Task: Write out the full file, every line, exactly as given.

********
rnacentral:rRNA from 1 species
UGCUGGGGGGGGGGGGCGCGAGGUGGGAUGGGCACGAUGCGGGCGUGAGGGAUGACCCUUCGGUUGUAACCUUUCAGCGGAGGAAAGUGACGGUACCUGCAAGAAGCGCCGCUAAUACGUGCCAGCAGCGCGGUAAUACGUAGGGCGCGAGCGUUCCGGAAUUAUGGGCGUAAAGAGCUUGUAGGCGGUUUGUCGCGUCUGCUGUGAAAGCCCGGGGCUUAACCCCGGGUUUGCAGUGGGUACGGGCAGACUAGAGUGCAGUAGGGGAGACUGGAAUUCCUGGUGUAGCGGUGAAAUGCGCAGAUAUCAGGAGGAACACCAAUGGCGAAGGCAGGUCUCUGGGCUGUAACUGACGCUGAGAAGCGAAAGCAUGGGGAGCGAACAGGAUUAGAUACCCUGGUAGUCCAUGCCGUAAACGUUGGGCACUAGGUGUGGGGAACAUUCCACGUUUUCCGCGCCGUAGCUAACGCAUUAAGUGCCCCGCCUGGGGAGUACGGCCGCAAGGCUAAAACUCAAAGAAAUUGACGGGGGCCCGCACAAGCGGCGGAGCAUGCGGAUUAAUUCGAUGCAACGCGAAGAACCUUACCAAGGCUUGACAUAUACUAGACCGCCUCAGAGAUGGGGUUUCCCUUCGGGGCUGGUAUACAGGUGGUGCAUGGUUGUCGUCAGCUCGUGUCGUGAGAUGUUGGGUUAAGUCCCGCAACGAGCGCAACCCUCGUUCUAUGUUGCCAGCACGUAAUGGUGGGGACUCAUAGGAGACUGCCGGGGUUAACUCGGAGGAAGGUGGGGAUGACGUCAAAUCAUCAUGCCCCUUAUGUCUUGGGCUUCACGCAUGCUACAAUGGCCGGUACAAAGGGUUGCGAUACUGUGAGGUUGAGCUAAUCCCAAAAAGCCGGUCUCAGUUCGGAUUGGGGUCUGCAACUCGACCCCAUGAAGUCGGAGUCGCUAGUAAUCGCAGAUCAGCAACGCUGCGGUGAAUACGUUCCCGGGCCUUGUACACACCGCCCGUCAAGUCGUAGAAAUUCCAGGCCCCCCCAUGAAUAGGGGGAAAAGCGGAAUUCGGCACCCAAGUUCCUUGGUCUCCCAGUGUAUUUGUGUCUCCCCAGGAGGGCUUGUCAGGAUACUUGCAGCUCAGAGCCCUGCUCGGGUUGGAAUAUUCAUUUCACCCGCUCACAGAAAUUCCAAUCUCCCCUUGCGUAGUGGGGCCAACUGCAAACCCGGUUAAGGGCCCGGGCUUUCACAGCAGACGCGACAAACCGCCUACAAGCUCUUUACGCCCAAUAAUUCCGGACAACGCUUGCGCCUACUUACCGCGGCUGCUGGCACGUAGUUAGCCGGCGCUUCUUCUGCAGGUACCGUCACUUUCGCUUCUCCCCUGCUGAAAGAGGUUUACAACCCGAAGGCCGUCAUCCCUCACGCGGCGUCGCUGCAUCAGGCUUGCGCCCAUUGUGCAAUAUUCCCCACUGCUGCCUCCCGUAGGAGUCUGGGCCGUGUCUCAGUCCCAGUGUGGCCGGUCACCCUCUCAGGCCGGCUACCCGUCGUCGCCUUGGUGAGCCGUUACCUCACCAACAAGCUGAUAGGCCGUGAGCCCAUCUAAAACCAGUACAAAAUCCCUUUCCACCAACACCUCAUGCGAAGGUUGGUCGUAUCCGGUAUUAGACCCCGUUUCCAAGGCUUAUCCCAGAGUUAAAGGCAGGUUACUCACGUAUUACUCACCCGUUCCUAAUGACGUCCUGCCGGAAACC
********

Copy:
rnacentral:rRNA from 1 species
UGCUGGGGGGGGGGGGCGCGAGGUGGGAUGGGCACGAUGCGGGCGUGAGGGAUGACCCUUCGGUUGUAACCUUUCAGCGGAGGAAAGUGACGGUACCUGCAAGAAGCGCCGCUAAUACGUGCCAGCAGCGCGGUAAUACGUAGGGCGCGAGCGUUCCGGAAUUAUGGGCGUAAAGAGCUUGUAGGCGGUUUGUCGCGUCUGCUGUGAAAGCCCGGGGCUUAACCCCGGGUUUGCAGUGGGUACGGGCAGACUAGAGUGCAGUAGGGGAGACUGGAAUUCCUGGUGUAGCGGUGAAAUGCGCAGAUAUCAGGAGGAACACCAAUGGCGAAGGCAGGUCUCUGGGCUGUAACUGACGCUGAGAAGCGAAAGCAUGGGGAGCGAACAGGAUUAGAUACCCUGGUAGUCCAUGCCGUAAACGUUGGGCACUAGGUGUGGGGAACAUUCCACGUUUUCCGCGCCGUAGCUAACGCAUUAAGUGCCCCGCCUGGGGAGUACGGCCGCAAGGCUAAAACUCAAAGAAAUUGACGGGGGCCCGCACAAGCGGCGGAGCAUGCGGAUUAAUUCGAUGCAACGCGAAGAACCUUACCAAGGCUUGACAUAUACUAGACCGCCUCAGAGAUGGGGUUUCCCUUCGGGGCUGGUAUACAGGUGGUGCAUGGUUGUCGUCAGCUCGUGUCGUGAGAUGUUGGGUUAAGUCCCGCAACGAGCGCAACCCUCGUUCUAUGUUGCCAGCACGUAAUGGUGGGGACUCAUAGGAGACUGCCGGGGUUAACUCGGAGGAAGGUGGGGAUGACGUCAAAUCAUCAUGCCCCUUAUGUCUUGGGCUUCACGCAUGCUACAAUGGCCGGUACAAAGGGUUGCGAUACUGUGAGGUUGAGCUAAUCCCAAAAAGCCGGUCUCAGUUCGGAUUGGGGUCUGCAACUCGACCCCAUGAAGUCGGAGUCGCUAGUAAUCGCAGAUCAGCAACGCUGCGGUGAAUACGUUCCCGGGCCUUGUACACACCGCCCGUCAAGUCGUAGAAAUUCCAGGCCCCCCCAUGAAUAGGGGGAAAAGCGGAAUUCGGCACCCAAGUUCCUUGGUCUCCCAGUGUAUUUGUGUCUCCCCAGGAGGGCUUGUCAGGAUACUUGCAGCUCAGAGCCCUGCUCGGGUUGGAAUAUUCAUUUCACCCGCUCACAGAAAUUCCAAUCUCCCCUUGCGUAGUGGGGCCAACUGCAAACCCGGUUAAGGGCCCGGGCUUUCACAGCAGACGCGACAAACCGCCUACAAGCUCUUUACGCCCAAUAAUUCCGGACAACGCUUGCGCCUACUUACCGCGGCUGCUGGCACGUAGUUAGCCGGCGCUUCUUCUGCAGGUACCGUCACUUUCGCUUCUCCCCUGCUGAAAGAGGUUUACAACCCGAAGGCCGUCAUCCCUCACGCGGCGUCGCUGCAUCAGGCUUGCGCCCAUUGUGCAAUAUUCCCCACUGCUGCCUCCCGUAGGAGUCUGGGCCGUGUCUCAGUCCCAGUGUGGCCGGUCACCCUCUCAGGCCGGCUACCCGUCGUCGCCUUGGUGAGCCGUUACCUCACCAACAAGCUGAUAGGCCGUGAGCCCAUCUAAAACCAGUACAAAAUCCCUUUCCACCAACACCUCAUGCGAAGGUUGGUCGUAUCCGGUAUUAGACCCCGUUUCCAAGGCUUAUCCCAGAGUUAAAGGCAGGUUACUCACGUAUUACUCACCCGUUCCUAAUGACGUCCUGCCGGAAACC